Being an Assistant Director On Set

Being an Assistant Director On Set

Working as an Assistant Director on set is a safe way for anyone starting out, to learn the actual workings of putting together a film. And maybe to earn some money at the same time. If it is feature films that you wish to make, be on film sets. If it is Ads that you wish to make, then be on Ad sets. Work where you wish to work.

Getting to be an Assistant Director

Culturally we are in a shift. There is a lot more content being made right now, all across the globe, than any time in history. For people starting out in this field that is good news. The need for more personnel could be your foot into the industry.

Take the opportunity while it lasts, as it will end. As of writing this, there are more films being made than there is time for someone to watch it. In economics whenever there is more supply than demand, the market corrects itself by reducing the price of goods. Which deters people from the producing goods.

When People Don’t Let You Assist

You should know that even during rising times like these, Directors have turned down my offers to assist them. Why? Because they already have more than enough Assistant Directors. There is more supply than demand.

But I did get to be an Assistant Director of 2 feature films, besides countless short films and Ads. I got all of those those opportunities through the connections I had made.

You need to invest in yourself first and show that you know the craft through your work. Only once this creates enough faith in others will they recommend you to someone; after all it is their reputation that is on the line.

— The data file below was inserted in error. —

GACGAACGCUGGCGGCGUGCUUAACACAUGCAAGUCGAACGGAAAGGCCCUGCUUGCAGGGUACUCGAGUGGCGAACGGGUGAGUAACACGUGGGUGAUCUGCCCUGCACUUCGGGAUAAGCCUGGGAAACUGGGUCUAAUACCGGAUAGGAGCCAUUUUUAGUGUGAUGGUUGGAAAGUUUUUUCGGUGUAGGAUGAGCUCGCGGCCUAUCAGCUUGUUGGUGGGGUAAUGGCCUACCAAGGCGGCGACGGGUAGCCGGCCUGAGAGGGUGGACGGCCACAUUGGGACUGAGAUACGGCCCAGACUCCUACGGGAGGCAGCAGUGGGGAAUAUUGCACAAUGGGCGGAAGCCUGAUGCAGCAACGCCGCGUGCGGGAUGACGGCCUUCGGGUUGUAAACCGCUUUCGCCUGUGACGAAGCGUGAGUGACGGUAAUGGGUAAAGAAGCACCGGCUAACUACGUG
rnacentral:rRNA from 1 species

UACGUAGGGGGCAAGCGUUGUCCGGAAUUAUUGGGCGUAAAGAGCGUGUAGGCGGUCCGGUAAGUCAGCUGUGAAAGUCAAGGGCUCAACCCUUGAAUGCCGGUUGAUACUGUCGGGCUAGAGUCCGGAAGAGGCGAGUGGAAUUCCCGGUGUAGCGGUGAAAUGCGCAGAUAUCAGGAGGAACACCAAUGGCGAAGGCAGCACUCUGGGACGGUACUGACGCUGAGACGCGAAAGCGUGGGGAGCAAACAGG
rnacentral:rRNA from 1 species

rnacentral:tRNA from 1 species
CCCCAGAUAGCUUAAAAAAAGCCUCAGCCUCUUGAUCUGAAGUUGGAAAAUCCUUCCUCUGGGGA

“Confidence and hard work is the best medicine to kill the disease called failure. It will make you successful person.” — Abdul Kalam

Being On Set

Being an Assistant Director on set is tough. There is a lot of standing and running around. You are working a minimum of 12 to 16 hours a day and maybe sleeping for 5 or 6.

But by being an assistant on others’ sets I got to see things differently. I saw how each of them worked and found practices that I would like to adopt and those that I should never adopt.

Even more importantly, I found professionals point out my strengths and weaknesses. They saw things that I had never known in myself and nobody else could see.

Learning About Myself as an Assistant Director

On one set the Assistant Cinematographer told me that he could see that I was going to make a feature film very soon. A makeup man I worked with once told me that I never left anyone’s question unanswered or any requirement unattended for later. I got it cleared then and there, which I believe is a requirement for any director; in fact for any good leader in any field. I did not know these were my strengths.

For my weaknesses, I realised that logistics or handling too many people is not my area of comfort. Though I did learn to manage. Unfortunately that is a skill an Assistant Director on set must have, or at least as far as my experience has been. I am good at planning. I can sit down for hours in preproduction, go through the script and break it down to its atoms, foresee things that can go wrong and plan for contingencies. But I am not the high energy Assistant Director a set demands.

For me everything comes down to knowing about myself and others around me, so that I can partner up with people whose strengths are my weaknesses. And by working as an Assistant Director, wherever it may be that you wish to work, you will not only earn some money, but also learn filmmaking, about yourself, and build connections, meet technicians and make new friends.

What do you think? Assist or not? Let us know in the comments.

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